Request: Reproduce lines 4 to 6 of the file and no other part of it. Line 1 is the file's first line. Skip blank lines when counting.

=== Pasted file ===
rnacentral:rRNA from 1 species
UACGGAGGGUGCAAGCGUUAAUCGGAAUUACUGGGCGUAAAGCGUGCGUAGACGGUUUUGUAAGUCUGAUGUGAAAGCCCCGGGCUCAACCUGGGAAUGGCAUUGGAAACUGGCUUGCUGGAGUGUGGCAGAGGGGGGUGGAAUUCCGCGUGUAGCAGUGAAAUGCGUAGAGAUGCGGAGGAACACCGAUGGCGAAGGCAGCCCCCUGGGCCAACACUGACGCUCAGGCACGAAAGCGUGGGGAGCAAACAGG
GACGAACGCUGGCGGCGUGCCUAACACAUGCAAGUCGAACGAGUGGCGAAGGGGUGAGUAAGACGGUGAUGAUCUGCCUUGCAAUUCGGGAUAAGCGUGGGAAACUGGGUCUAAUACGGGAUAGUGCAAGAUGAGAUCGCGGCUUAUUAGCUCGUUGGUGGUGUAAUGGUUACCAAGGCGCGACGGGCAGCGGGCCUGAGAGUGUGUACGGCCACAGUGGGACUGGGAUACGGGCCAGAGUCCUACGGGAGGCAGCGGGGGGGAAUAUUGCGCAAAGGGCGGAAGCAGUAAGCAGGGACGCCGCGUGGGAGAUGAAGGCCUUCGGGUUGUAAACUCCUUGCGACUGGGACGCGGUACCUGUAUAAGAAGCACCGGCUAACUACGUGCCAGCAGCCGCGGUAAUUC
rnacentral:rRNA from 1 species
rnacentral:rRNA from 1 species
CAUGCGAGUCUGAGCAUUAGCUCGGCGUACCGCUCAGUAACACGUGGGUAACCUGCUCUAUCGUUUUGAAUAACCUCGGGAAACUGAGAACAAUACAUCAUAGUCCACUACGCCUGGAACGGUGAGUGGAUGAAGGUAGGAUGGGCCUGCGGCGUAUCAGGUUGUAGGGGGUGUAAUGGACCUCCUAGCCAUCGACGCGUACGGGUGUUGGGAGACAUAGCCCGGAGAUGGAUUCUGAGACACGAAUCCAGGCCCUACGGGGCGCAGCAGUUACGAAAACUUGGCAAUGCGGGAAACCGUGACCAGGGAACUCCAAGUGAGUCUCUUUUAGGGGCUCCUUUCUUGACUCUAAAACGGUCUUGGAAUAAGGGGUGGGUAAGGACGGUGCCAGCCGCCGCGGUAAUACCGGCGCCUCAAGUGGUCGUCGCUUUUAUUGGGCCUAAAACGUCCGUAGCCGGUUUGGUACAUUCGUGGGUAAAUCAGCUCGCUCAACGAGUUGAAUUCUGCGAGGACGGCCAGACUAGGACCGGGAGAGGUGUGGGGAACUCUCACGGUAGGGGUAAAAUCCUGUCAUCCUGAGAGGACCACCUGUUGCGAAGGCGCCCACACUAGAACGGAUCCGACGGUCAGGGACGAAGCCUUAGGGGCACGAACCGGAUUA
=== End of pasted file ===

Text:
rnacentral:rRNA from 1 species
rnacentral:rRNA from 1 species
CAUGCGAGUCUGAGCAUUAGCUCGGCGUACCGCUCAGUAACACGUGGGUAACCUGCUCUAUCGUUUUGAAUAACCUCGGGAAACUGAGAACAAUACAUCAUAGUCCACUACGCCUGGAACGGUGAGUGGAUGAAGGUAGGAUGGGCCUGCGGCGUAUCAGGUUGUAGGGGGUGUAAUGGACCUCCUAGCCAUCGACGCGUACGGGUGUUGGGAGACAUAGCCCGGAGAUGGAUUCUGAGACACGAAUCCAGGCCCUACGGGGCGCAGCAGUUACGAAAACUUGGCAAUGCGGGAAACCGUGACCAGGGAACUCCAAGUGAGUCUCUUUUAGGGGCUCCUUUCUUGACUCUAAAACGGUCUUGGAAUAAGGGGUGGGUAAGGACGGUGCCAGCCGCCGCGGUAAUACCGGCGCCUCAAGUGGUCGUCGCUUUUAUUGGGCCUAAAACGUCCGUAGCCGGUUUGGUACAUUCGUGGGUAAAUCAGCUCGCUCAACGAGUUGAAUUCUGCGAGGACGGCCAGACUAGGACCGGGAGAGGUGUGGGGAACUCUCACGGUAGGGGUAAAAUCCUGUCAUCCUGAGAGGACCACCUGUUGCGAAGGCGCCCACACUAGAACGGAUCCGACGGUCAGGGACGAAGCCUUAGGGGCACGAACCGGAUUA